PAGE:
Letang deal with Penguins still in limbo
The Penguins knew this July 1 would be quieter than in previous years.
But this one was really quiet.
Kris Letang's contract remains in limbo almost 48 hours after an agreement nearly was reached. Forwards Pascal Dupuis, Matt Cooke, Craig Adams, Jarome Iginla and Brenden Morrow moved another day closer to unrestricted free agency.
The free agency signing period, which usually begins July 1 but has been moved back because of the season-delaying lockout, begins Friday.
Negotiations between general manager Ray Shero and Letang's agent, Kent Hughes, produced a monetary agreement during NHL Draft weekend in New Jersey.
However, a snag remains.
Letang wants a verbal guarantee that he will not be traded during the next 12 months should he sign the eight-year deal that the Penguins have offered. The contract would give Letang $7.25 million per season. It also would give him leverage with a limited no-movement clause, meaning he could be traded to 15 teams of his choice.
The catch is that the no-trade clause wouldn't be effective immediately. It is stated in the collective bargaining agreement that movement clauses may not be included in previously signed contracts, and the Penguins can't buy out the final year of Letang's most recent deal, which pays him $3.5 million annually.
Rather, the contract they are negotiating serves as an extension, as the Norris Trophy nominee must play out the final year of the four-year, $14 million deal.
This is different than deals negotiated by Shero with stars Sidney Crosby and Evgeni Malkin. Although they still had one year remaining on their previous contracts, Crosby and Malkin immediately were permitted to trigger the no-movement clauses because they already had played out their years of restricted free agency.
Letang will not have accomplished that until the end of the 2013-14 season.
Shero and Hughes plan to meet again before Friday. The Penguins would like to have this situation cleared up before focusing their attention on a list of would-be free agents.
Three of the Penguins' impending free agents comprise the core of the team's penalty-killing unit. That group, which underachieved in the regular season but thrived in the playoffs, could have a different look next season.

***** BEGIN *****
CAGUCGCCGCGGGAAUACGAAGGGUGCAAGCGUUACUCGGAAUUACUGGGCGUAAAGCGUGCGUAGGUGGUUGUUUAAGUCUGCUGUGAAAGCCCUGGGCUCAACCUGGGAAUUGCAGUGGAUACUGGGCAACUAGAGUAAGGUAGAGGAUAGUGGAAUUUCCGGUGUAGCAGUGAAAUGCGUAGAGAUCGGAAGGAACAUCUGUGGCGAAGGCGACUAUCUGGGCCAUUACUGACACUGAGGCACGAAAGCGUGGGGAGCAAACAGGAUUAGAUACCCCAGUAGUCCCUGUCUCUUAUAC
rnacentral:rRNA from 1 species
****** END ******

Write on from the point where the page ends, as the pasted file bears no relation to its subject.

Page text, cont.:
Dupuis, Cooke and Adams are arguably the team's three best penalty killers. All could be gone in a matter of days, should Shero be unable to sign them.
Center Jordan Staal, who once joined the three free agents in coach Dan Bylsma's top four penalty-killing look, was traded last summer.
The Penguins still are involved in negotiations with Dupuis' agent, Allan Walsh. Although no deal has been reached — and Dupuis possibly could make more money on the open market — Walsh and Shero continued speaking Monday.
Shero also will be speaking with Adams' agent, Neil Sheehy, in the next few days.
Although Shero and Sheehy did not speak Monday, the agent expects talks to resume later this week. The Penguins would like to bring Adams back to play in the fourth-line role that has been his since he was claimed off waivers from Chicago in 2009.
Staff writer Rob Rossi contributed. Josh Yohe is a staff writer for Trib Total Media. Reach him at email@example.com or via Twitter @JoshYohe_Trib.
Show commenting policy
TribLive commenting policy
You are solely responsible for your comments and by using TribLive.com you agree to our Terms of Service.
We moderate comments. Our goal is to provide substantive commentary for a general readership. By screening submissions, we provide a space where readers can share intelligent and informed commentary that enhances the quality of our news and information.
While most comments will be posted if they are on-topic and not abusive, moderating decisions are subjective. We will make them as carefully and consistently as we can. Because of the volume of reader comments, we cannot review individual moderation decisions with readers.
We value thoughtful comments representing a range of views that make their point quickly and politely. We make an effort to protect discussions from repeated comments either by the same reader or different readers.
We follow the same standards for taste as the daily newspaper. A few things we won't tolerate: personal attacks, obscenity, vulgarity, profanity (including expletives and letters followed by dashes), commercial promotion, impersonations, incoherence, proselytizing and SHOUTING. Don't include URLs to Web sites.
We do not edit comments. They are either approved or deleted. We reserve the right to edit a comment that is quoted or excerpted in an article. In this case, we may fix spelling and punctuation.
We welcome strong opinions and criticism of our work, but we don't want comments to become bogged down with discussions of our policies and we will moderate accordingly.
We appreciate it when readers and people quoted in articles or blog posts point out errors of fact or emphasis and will investigate all assertions. But these suggestions should be sent via e-mail. To avoid distracting other readers, we won't publish comments that suggest a correction. Instead, corrections will be made in a blog post or in an article.
- Penguins GM insists new coach Johnston was no afterthought
- Penguins goalie Fleury likely to enter season without new contract
- Penguins alumni rally to help Mitch Wilson, who is fighting ALS
- Penguins coach says team needs to ‘lessen the load’ on Crosby
- Now healthy, Penguins’ Bennett eyes bigger role
- Penguins backup goaltender Zatkoff eyes new challenge with team
- Rossi: Time with Penguins taught Bylsma importance of stability
- Pens’ Johnston hopes to `lessen the load’ for Crosby